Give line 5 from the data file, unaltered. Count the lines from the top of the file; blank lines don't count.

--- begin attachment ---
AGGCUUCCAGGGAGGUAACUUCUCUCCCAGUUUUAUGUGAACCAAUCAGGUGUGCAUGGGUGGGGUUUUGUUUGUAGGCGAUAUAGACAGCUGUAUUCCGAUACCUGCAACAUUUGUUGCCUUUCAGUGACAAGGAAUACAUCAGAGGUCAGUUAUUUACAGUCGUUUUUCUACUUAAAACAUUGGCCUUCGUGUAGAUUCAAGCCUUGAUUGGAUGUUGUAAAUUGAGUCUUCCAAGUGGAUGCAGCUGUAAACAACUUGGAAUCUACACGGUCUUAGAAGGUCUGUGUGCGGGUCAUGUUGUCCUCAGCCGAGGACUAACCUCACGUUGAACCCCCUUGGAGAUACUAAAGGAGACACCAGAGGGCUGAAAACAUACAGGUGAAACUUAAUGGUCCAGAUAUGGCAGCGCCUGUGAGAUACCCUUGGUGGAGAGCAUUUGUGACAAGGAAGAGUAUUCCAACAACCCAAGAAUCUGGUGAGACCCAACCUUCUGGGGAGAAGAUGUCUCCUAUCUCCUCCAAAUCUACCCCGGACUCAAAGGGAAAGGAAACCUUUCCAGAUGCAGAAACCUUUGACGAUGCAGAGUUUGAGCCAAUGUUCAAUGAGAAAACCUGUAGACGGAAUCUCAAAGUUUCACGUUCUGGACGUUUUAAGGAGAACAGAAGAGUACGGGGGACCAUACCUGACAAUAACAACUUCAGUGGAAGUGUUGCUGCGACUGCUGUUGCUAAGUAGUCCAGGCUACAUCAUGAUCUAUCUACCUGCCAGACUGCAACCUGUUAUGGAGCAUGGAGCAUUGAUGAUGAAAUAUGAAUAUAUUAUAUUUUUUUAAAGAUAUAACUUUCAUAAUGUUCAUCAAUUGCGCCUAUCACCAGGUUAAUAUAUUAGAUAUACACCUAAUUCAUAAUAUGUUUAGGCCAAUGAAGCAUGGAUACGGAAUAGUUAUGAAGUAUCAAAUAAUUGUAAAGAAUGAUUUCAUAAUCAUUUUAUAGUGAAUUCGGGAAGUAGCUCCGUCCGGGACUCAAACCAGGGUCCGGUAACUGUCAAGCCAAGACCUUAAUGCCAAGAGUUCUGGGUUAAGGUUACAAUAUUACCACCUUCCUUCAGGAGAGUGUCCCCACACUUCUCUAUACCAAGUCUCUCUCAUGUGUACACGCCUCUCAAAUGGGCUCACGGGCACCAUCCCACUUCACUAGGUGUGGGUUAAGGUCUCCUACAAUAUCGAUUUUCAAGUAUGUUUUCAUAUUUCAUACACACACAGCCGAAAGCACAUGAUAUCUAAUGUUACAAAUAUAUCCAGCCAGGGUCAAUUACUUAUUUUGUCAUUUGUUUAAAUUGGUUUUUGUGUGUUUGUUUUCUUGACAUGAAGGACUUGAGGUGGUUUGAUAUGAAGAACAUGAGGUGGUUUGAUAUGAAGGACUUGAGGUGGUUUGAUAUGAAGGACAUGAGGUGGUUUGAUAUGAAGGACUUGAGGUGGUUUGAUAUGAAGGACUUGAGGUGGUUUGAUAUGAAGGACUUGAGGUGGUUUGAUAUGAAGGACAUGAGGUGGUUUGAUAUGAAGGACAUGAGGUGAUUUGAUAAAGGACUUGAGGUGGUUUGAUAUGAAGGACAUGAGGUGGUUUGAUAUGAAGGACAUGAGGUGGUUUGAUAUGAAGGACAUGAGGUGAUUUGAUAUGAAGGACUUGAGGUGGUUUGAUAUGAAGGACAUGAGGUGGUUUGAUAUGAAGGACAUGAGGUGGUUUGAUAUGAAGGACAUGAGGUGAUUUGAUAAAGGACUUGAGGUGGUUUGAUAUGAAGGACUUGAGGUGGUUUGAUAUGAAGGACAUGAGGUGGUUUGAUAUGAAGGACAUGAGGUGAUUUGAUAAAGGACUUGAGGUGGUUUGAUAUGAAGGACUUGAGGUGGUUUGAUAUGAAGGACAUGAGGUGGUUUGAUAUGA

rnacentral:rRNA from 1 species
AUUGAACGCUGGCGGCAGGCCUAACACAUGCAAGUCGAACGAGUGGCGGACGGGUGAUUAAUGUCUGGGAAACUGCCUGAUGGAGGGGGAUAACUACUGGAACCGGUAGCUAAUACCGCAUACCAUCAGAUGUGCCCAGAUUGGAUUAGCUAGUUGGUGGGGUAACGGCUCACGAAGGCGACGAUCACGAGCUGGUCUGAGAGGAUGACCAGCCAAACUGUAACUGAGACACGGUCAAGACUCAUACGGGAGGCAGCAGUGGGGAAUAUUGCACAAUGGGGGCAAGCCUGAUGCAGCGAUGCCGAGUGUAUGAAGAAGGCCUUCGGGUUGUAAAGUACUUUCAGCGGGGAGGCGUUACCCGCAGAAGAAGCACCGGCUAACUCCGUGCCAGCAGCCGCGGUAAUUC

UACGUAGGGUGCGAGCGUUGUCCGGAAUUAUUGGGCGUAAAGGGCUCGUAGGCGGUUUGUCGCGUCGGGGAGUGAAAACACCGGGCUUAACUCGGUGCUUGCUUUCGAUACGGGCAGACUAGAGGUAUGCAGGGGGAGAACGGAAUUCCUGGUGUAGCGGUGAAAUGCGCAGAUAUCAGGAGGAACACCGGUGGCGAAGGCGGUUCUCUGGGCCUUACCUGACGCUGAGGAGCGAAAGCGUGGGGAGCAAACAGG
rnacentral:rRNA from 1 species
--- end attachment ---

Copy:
rnacentral:rRNA from 1 species